John Garner

PLGA-PEG-Mal from PolySciTech used in development of non-small cell lung cancer therapeutic nanoparticles

Blog Post created by John Garner on Sep 24, 2018

Bao, 2018 non-small cell lung cancer polyscitech maleimide PLGA PEG.jpg


Microfluidic emulsification is a manufacturing technique which holds promise to enable rapid and robust generation of nanoparticles or micelles. Higher uniformity, size control, and drug loading can be achieved by this technique relative to conventional methods, such as emulsion or dialysis techniques. Recently, researchers from Tongji University (China) used Mal-PEG-PLGA (PolyVivo AI110) from PolySciTech ( to create nanoparticles both by dialysis and microfluidic techniques. These particles were targeted by conjugating on RGD ligands and the resultant particles were tested for loading, size, and targeting capabilities. This research holds promise to provide for improved cancer therapeutics in the future. Read more: Bao, Yuchen, Qinfang Deng, Yongyong Li, and Songwen Zhou. "Engineering docetaxel-loaded micelles for non-small cell lung cancer: a comparative study of microfluidic and bulk nanoparticle preparation." RSC Advances 8, no. 56 (2018): 31950-31966.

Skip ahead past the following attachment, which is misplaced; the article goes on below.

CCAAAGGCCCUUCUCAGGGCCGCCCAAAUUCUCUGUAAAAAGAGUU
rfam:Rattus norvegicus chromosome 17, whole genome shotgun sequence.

“Abstract: Bulk preparation of micelles has the drawbacks of facile formation of large aggregates and heterogeneous particle size distribution. Microfluidic technology has shown clear potential to address these challenges for robust nanomedicine applications. In this study, docetaxel-loaded PLGA-PEG-Mal-based micelles were prepared by microfluidics and dialysis methods and their physicochemical properties were analyzed. The biological behaviors of these micelles were also investigated in the non-small cell lung cancer (NSCLC) cell line A549 in vitro as well as in vivo. Encouragingly, the mean particle size of the micelles prepared by microfluidics (DMM) was smaller, with an average size of 72 ± 1 nm and a narrow size distribution with a polydispersity index (PDI) of 0.072; meanwhile, micelles prepared by the dialysis method (DMD) had larger particle sizes (range, 102 to 144 nm) and PDIs (up to 0.390). More importantly, significantly high drug loading was achieved using the microfluidic process. The IC50 value of DMM was lower than that of DMD. Whole-body fluorescence imaging of live mice showed that DMM achieved higher accumulation in tumors compared with DMD. DMM showed superior antitumor efficacy, with a tumor inhibition rate of 91.5%. Moreover, pathological histology analysis revealed that no evident biological toxicity was caused by the micelles. In addition, Arg-Gly-Asp (RGD) was employed as a targeting agent on the basis of DMM to prepare targeting micelles, and the targeting micelles exhibited stronger cytotoxicity and obvious antitumor efficacy. In conclusion, DMM may have obvious clinical advantages for the treatment of NSCLC due to its optimized physiochemical properties. Therefore, microfluidic technology-based micelles are a promising platform as an effective drug delivery system for incorporating anticancer agents.”